The Hall County Board of Commissioners approved settlement terms Thursday night in a lawsuit with the city of Gainesville over special purpose local option sales tax.
Gainesville sued Hall in February for about $5.3 million, asserting the county breached a 2008 agreement to pay the city accelerated special purpose local option sales tax payments for the first four years of a six-year period, with the city paying back any excess funds during the last two years.
County Attorney Bill Blalock said he had worked out an agreement with Gainesville, but had not yet drafted the settlement agreement documents, which is supposed to be filed with the Superior Court by 3 p.m. today. The Gainesville City Council hasn’t voted in public on any settlement terms, which is required under the Open Meetings Act.
The county agreed Thursday night to pay the city nine payments of $593,750, which would equal 48 months of payments and about $5.3 million. The county will immediately start billing the city for the excess funds for the next 24 months in the amount of $250,692 a month. It has the option of deducting the first three months that the city owes it out of the $5.3 million lump sum payment.
The county stopped the 48 scheduled payments at 39 because the city had already received about 14.79 percent of the total SPLOST VI revenues, which came in lower than originally expected.
The county is also charging Gainesville a reallocation fee of 2.25 percent. That means when the city has completely paid back the county, it will have paid about $6 million.
SPLOST VI started in 2009 and runs until July 2015. It was originally projected to collect about $240 million, but the economic downturn caused the projection to decline in 2011 to $162 million and go down again in March to $157 million. Hall County has now estimated it will total between $152 million and $155 million.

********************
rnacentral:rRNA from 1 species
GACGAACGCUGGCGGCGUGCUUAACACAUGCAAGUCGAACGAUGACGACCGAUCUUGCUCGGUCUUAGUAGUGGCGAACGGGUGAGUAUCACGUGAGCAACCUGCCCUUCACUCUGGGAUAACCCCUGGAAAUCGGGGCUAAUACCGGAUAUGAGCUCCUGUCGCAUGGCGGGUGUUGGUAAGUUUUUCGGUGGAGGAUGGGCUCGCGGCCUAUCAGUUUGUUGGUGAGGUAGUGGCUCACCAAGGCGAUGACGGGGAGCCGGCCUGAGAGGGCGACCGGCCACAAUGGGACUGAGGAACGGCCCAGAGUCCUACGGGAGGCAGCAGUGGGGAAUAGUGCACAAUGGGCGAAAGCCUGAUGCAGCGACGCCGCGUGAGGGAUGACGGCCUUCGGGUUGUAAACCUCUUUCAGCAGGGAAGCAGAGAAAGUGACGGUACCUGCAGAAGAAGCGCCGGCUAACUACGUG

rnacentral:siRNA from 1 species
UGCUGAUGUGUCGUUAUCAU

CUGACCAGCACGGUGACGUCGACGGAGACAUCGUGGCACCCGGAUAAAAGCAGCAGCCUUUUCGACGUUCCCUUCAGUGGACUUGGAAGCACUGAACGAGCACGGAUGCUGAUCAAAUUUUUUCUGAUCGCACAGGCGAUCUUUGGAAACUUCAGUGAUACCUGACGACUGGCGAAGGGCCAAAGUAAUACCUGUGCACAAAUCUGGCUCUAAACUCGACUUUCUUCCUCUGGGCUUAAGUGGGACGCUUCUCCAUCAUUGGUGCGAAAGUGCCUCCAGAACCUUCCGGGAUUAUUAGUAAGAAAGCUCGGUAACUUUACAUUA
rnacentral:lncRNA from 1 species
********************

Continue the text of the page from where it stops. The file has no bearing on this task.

Board Chairman Richard Mecum said he was not pleased or displeased by the settlement.
“The biggest thing, though, is that the city and the county both will come of this situation OK,” Mecum said.
The effective date may be Sept. 1, Mecum said.
Calls to Gainesville City Manager Kip Padgett weren’t successful. Padgett has been out of town dealing with his child’s surgery.
The city will end up getting about $28 million. If the estimate had stayed at $240 million, the city would have been owed about $35.5 million.
The city wanted accelerated payment in 2008 because it was building an about $20 million public safety complex, and didn’t want a lot of expense on debt service.
Mecum said he was unaware of any extension of the date the judge determined.
Also, commissioners approved Jim Walters’ request to use his barn for social gatherings, such as farm weddings. No one opposed the request, and there were few questions from the commissioners about it. Under a new “agri-entertainment” law, all event venues in unincorporated Hall that charge a fee for their use must have a business license, a certificate of occupancy and be approved by the commission.